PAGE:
Study Shows Wide Variation in Costs to Treat Low-Risk Prostate Cancer

Key Points

  • Active surveillance costs remained low, even when considering the fact that 30% to 50% of patients eventually opt out and choose a definitive treatment.
  • Costs ranged from $7,298 for active surveillance to $23,565 for intensity-modulated radiation therapy. Low–dose rate brachytherapy, at $8,978, was notably less expensive than high–dose rate brachytherapy, at $11,448. Stereotactic body radiation therapy at $11,665 was notably less expensive than intensity-modulated radiotherapy.
  • In robotic-assisted laparoscopic prostatectomy, both equipment costs and an inpatient stay at $2,306 contributed to its high cost of $16,946. Cryotherapy, at $11,215, was more costly than low–dose rate brachytherapy, largely because of increased single-use equipment costs of $6,292 vs $1,869 for brachytherapy.

University of California, Los Angeles (UCLA) researchers have described costs across the entire care process for low-risk prostate cancer—from the time a patient checks in for his first appointment to his post-treatment follow-up testing—using time-driven activity-based costing. For the various available treatments, they discovered wide variations in costs that remained consistent over a 12-year period, indicating that a better method for monitoring costs could save valuable health-care dollars, said lead author Aaron Laviana, MD. These findings were published by Laviana et al in Cancer.

“This is the first study to truly investigate the costs of various treatments for prostate cancer over the long term. As we move from traditional fee-for-service reimbursement models to accountable care organizations and bundled payments to curb growing health-care expenditures, understanding the true costs of health care is essential,” Dr. Laviana said.

“Traditional costing methods often lack transparency and can be arbitrary, preventing the true costs of a disease or treatment from being understood,” he continued. “This is important, as patients often receive a hospital bill with arbitrary charges that may or may not reflect their true treatment costs. This costing methodology creates an algorithm that allows organizations to assess their costs and see where they may be able to improve. Altogether, by maintaining similar quality, this will improve the overall value of care delivered.”

Study Findings

Dr. Laviana said the biggest surprise uncovered by the analysis was the relatively low cost of active surveillance. Active surveillance costs remained low, even when considering the fact that 30% to 50% of patients eventually opt out and choose a definitive treatment.

At 5 years after diagnosis, active surveillance remained slightly less expensive than the price of robotic prostatectomy. Active surveillance is an important option to consider for low-risk prostate cancer, Dr. Laviana said, given that many men who have the disease are more likely to die from other causes. It also avoids complications from the traditional treatments of radiation and surgery, including difficulty urinating and erectile dysfunction.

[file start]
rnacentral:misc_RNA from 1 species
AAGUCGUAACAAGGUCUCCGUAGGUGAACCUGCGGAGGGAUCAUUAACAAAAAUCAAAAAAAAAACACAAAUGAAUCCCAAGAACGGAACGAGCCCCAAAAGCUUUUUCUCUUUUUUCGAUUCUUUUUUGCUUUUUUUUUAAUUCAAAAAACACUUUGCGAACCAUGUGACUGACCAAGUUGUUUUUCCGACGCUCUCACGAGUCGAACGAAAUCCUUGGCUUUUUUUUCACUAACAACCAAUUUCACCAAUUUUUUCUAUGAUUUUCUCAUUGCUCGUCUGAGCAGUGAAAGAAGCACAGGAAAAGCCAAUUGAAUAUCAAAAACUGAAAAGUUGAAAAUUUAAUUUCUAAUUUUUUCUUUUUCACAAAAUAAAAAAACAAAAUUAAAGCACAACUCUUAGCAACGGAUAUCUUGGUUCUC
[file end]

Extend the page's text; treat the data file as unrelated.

Specifically, Dr. Laviana and his colleagues found costs ranging from $7,298 for active surveillance to $23,565 for intensity-modulated radiation therapy. The study also found that low–dose rate brachytherapy, at $8,978, was notably less expensive than high–dose rate brachytherapy, at $11,448. Stereotactic body radiation therapy at $11,665 was notably less expensive than intensity-modulated radiotherapy, with the savings attributable to shorter procedure times and markedly fewer visits required for stereotactic body radiotherapy.

In robotic-assisted laparoscopic prostatectomy, both equipment costs and an inpatient stay at $2,306 contributed to its high cost of $16,946. Cryotherapy, at $11,215, was more costly than low–dose rate brachytherapy, largely because of increased single-use equipment costs of $6,292 vs $1,869 for brachytherapy.

“We were surprised about the profound cost differences in radiation therapy based solely on the number of treatments delivered,” Dr. Laviana said. “Future studies are needed to determine whether there are differences in outcomes between these modalities.”

For this study, the team determined space and product costs and calculated personnel capacity cost rates. They calculated personnel costs for the prostate cancer treatment team of doctors, nurses, and patient affairs based on the steps of the process.

Going forward, the UCLA team plans to link the costing analysis to rigorously assessed quality measurements and outcomes trials to see which treatments provide the greatest value. They also plan to expand this study to assessing all levels of prostate cancer to see how the cost of care varies with localized high-risk prostate cancer as well as metastatic disease to analyze the burden of prostate cancer on end-of-life care.

The study was funded by the H & H Lee Surgical Research Scholar Program.

The content in this post has not been reviewed by the American Society of Clinical Oncology, Inc. (ASCO®) and does not necessarily reflect the ideas and opinions of ASCO®.


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